Napping at work is not allowed in many organisations and yet tired or fatigued employees can have a significant effect in the workplace, reducing both safety and productivity.
What is a Power Nap?
A power nap is a short sleep that ends before you go into deep sleep (slow-wave sleep; SWS); it is intended to quickly revitalize the worker which is helpful where tired workers are at risk if they make a mistake.
Three Key Benefits of Power Napping
There are many benefits of power napping and studies have shown napping to be quite beneficial, improving alertness and performance.
Organisations who sanction this well researched counter measure do so because they understand it can:
- Restore alertness, memory and problem solving – especially during night shift
- Improve performance and productivity
- Reduce the risk of fatigue related accidents and incidents
How Long to Nap?
A Flinders University study found that a 5-minute nap produced few benefits, but the 20-minute nap was associated with improvements emerging 35 minutes after napping and lasting up to 125 minutes after napping and the 30-minute nap produced a period of impaired alertness and performance immediately after napping, indicative of sleep inertia, followed by improvements lasting up to 155 minutes after the nap.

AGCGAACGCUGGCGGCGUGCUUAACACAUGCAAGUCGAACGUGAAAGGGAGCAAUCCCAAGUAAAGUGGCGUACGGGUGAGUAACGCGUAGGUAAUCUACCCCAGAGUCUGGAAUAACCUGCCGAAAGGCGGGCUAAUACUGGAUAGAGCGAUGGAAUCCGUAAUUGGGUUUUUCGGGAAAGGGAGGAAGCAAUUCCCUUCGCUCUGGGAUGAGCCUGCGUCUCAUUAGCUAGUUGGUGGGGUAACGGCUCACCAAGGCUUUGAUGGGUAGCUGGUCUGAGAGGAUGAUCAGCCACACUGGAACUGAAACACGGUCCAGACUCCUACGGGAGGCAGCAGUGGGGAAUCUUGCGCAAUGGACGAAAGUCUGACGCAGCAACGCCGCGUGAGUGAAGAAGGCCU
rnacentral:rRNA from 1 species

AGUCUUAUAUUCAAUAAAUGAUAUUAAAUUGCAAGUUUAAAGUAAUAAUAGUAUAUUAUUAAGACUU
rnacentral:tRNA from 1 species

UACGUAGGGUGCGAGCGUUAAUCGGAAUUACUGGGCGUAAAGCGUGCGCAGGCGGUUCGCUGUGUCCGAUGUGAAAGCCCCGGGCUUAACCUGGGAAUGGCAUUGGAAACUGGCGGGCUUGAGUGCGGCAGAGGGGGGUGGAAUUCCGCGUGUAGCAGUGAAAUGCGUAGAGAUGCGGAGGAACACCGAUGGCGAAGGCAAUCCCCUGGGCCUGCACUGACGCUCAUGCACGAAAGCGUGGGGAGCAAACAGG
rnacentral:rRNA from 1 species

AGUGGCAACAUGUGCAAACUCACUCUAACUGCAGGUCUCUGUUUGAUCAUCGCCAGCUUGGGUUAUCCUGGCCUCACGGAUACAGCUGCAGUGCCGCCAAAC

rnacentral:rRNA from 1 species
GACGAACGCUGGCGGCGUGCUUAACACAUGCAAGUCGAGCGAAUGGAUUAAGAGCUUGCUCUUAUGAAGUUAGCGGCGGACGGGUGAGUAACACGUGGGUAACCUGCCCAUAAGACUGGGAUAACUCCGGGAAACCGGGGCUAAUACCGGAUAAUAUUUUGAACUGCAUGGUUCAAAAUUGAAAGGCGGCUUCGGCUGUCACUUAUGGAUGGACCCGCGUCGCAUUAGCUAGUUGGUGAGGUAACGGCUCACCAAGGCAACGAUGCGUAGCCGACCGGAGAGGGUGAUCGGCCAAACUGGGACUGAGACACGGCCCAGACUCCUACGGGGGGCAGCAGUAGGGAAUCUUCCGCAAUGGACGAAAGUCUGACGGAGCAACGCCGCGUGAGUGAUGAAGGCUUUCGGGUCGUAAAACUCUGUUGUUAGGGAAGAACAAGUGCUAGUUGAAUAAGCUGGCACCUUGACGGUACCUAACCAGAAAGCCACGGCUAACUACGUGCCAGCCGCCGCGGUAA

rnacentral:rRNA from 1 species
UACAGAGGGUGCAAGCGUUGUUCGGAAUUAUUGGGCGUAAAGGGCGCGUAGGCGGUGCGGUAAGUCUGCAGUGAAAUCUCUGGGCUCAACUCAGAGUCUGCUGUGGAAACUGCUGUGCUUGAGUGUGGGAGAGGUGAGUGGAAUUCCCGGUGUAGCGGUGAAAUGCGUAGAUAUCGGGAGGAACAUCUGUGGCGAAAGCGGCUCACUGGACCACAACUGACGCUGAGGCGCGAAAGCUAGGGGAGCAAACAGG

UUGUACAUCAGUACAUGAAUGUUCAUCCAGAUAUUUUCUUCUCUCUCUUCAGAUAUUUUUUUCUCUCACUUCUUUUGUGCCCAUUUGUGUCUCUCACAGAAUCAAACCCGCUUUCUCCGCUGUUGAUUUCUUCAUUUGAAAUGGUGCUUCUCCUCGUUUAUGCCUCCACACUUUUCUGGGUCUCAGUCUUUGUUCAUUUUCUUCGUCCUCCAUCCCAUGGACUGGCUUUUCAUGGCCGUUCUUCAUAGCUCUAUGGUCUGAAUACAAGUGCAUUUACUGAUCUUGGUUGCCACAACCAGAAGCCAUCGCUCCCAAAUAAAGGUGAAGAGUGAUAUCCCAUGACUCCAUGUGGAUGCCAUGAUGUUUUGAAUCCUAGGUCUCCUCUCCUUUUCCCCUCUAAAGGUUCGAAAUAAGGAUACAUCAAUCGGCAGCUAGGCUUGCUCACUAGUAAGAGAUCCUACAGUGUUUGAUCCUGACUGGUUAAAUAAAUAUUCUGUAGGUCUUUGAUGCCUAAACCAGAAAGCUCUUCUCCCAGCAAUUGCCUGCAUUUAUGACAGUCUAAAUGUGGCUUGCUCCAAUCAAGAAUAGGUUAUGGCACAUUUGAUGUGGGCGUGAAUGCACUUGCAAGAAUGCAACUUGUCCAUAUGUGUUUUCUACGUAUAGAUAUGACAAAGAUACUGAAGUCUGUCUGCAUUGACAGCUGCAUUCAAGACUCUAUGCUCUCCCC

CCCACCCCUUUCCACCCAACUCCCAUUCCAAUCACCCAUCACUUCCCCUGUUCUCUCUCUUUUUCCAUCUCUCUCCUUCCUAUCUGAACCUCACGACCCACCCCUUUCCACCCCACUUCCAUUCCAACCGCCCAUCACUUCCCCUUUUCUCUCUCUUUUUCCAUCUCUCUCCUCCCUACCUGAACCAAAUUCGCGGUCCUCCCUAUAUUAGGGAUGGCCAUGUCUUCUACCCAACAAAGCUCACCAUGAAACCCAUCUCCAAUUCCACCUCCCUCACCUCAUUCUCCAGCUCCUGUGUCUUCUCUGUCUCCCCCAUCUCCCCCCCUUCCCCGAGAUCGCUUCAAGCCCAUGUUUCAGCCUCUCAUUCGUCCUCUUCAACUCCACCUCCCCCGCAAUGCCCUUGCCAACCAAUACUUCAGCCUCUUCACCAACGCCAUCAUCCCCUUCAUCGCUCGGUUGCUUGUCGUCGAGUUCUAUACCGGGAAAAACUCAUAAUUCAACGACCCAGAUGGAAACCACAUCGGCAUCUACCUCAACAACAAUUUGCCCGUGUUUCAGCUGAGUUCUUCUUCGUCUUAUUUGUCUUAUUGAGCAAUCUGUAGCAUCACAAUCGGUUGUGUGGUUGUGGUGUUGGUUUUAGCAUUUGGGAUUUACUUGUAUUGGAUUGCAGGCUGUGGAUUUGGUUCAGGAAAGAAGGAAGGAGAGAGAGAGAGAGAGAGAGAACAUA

Some companies have nap rooms to allow employees to take power naps. This may be in a form of a nap room with a recliner, or chairs specially designed for power napping installed in a designated area. Companies with nap rooms often say that employees are happier and become more productive at work.
What is a NASA Nap?
The NASA Ames Fatigue Countermeasures Group studied the effects of sleep loss and jet lag, and recommends a 40-minute nap (“NASA nap”) because this amount of time showed some improvements in flight crew performance.
What is a Coffee Nap?
Drinking coffee just before a power nap sounds like a crazy idea however there are physiological reasons that make it perfect sense. This is because caffeine doesn’t kick in immediately. It generally takes between 20 and 45 minutes to start to take effect. So if you drink a cup just before your power nap, you’ll likely feel more alert when you wake up.
“Shiftwork Services has trained hundreds of shiftworkers to power nap taking safety, performance and operational requirements into consideration.” Fiona Johnston – Occupational therapist.
Shiftwork Services Recommendations about Napping at Work:
- Consider the role of napping as an effective way to reduce fatigue risk
- Include napping guidelines in your organisation’s fatigue policy
- Provide training about napping at work especially for night workers and those in safety critical tasks.
To learn more about how to nap at work contact us with the words ‘Napping at Work’ in the subject line. For a fatigue policy template email us with the words ‘Fatigue Policy Template’ in the subject line.